Paper Title

Queer Nation-Building: LGBT and Queer Discourses in the Israeli-Palestinian Conflict

Location

Evans Room, Third Floor, DiGiorgio Campus Center (DiGs)

Start Date

March 2016

End Date

March 2016

Keywords

Homonormativity, Homonationalism, Biopower, Orientalism, Pinkwashing, Post-colonialism, Intersectionality

Abstract

As Puar and Duggan have demonstrated, with the rise of neoliberalism, homonormative LGBT subjects have been incorporated into projects of state power (e.g. Terrorist Assemblages: Homonationalism in Queer Times and “The New Homonormativity: The Sexual Politics of Neoliberalism”). My paper examines how representations of LGBT (homonormative) and queer (resisting normative categorization) desires and lives construct competing conceptions of nationhood in Israel and Palestine. Analyzing LGBT and queer Israeli cultural productions (e.g. Out in the Dark and The Bubble) and queer readings of Palestinian works (e.g. Plan D), I argue that Israel deploys LGBT representations in its national narrative, not merely to conceal human rights abuses toward Palestinians (as Sarah Schulman argues in Israel/Palestine and the Queer International), but also to reinforce hegemony against the Palestinian territories. The Israeli films I examine produce Palestine as, what I term, an “orientalist closet,” an inherently racialized and homophobic place; meanwhile, the image of a “gay-friendly Israel” is used to justify Israeli modernity, occupation, and national pride. Conversely, queerness in Palestinian works expands Palestinian nationhood to parallel fellow histories of occupation and displacement, including the cases of apartheid in South Africa and ethnic cleansing in the Balkans. In this way, the figure of the Palestinian queer becomes a medium of articulating national disempowerment and acts as a symbol of post-colonial solidarity.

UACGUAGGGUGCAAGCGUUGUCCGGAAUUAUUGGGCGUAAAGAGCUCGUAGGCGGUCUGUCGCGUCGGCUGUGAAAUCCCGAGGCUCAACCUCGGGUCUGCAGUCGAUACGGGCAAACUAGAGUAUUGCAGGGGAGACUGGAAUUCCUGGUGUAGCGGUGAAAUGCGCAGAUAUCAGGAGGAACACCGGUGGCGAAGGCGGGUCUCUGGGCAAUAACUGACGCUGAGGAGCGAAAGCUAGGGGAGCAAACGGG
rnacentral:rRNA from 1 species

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Mar 31st, 2:00 PM Mar 31st, 3:15 PM

Queer Nation-Building: LGBT and Queer Discourses in the Israeli-Palestinian Conflict

Evans Room, Third Floor, DiGiorgio Campus Center (DiGs)

As Puar and Duggan have demonstrated, with the rise of neoliberalism, homonormative LGBT subjects have been incorporated into projects of state power (e.g. Terrorist Assemblages: Homonationalism in Queer Times and “The New Homonormativity: The Sexual Politics of Neoliberalism”). My paper examines how representations of LGBT (homonormative) and queer (resisting normative categorization) desires and lives construct competing conceptions of nationhood in Israel and Palestine. Analyzing LGBT and queer Israeli cultural productions (e.g. Out in the Dark and The Bubble) and queer readings of Palestinian works (e.g. Plan D), I argue that Israel deploys LGBT representations in its national narrative, not merely to conceal human rights abuses toward Palestinians (as Sarah Schulman argues in Israel/Palestine and the Queer International), but also to reinforce hegemony against the Palestinian territories. The Israeli films I examine produce Palestine as, what I term, an “orientalist closet,” an inherently racialized and homophobic place; meanwhile, the image of a “gay-friendly Israel” is used to justify Israeli modernity, occupation, and national pride. Conversely, queerness in Palestinian works expands Palestinian nationhood to parallel fellow histories of occupation and displacement, including the cases of apartheid in South Africa and ethnic cleansing in the Balkans. In this way, the figure of the Palestinian queer becomes a medium of articulating national disempowerment and acts as a symbol of post-colonial solidarity.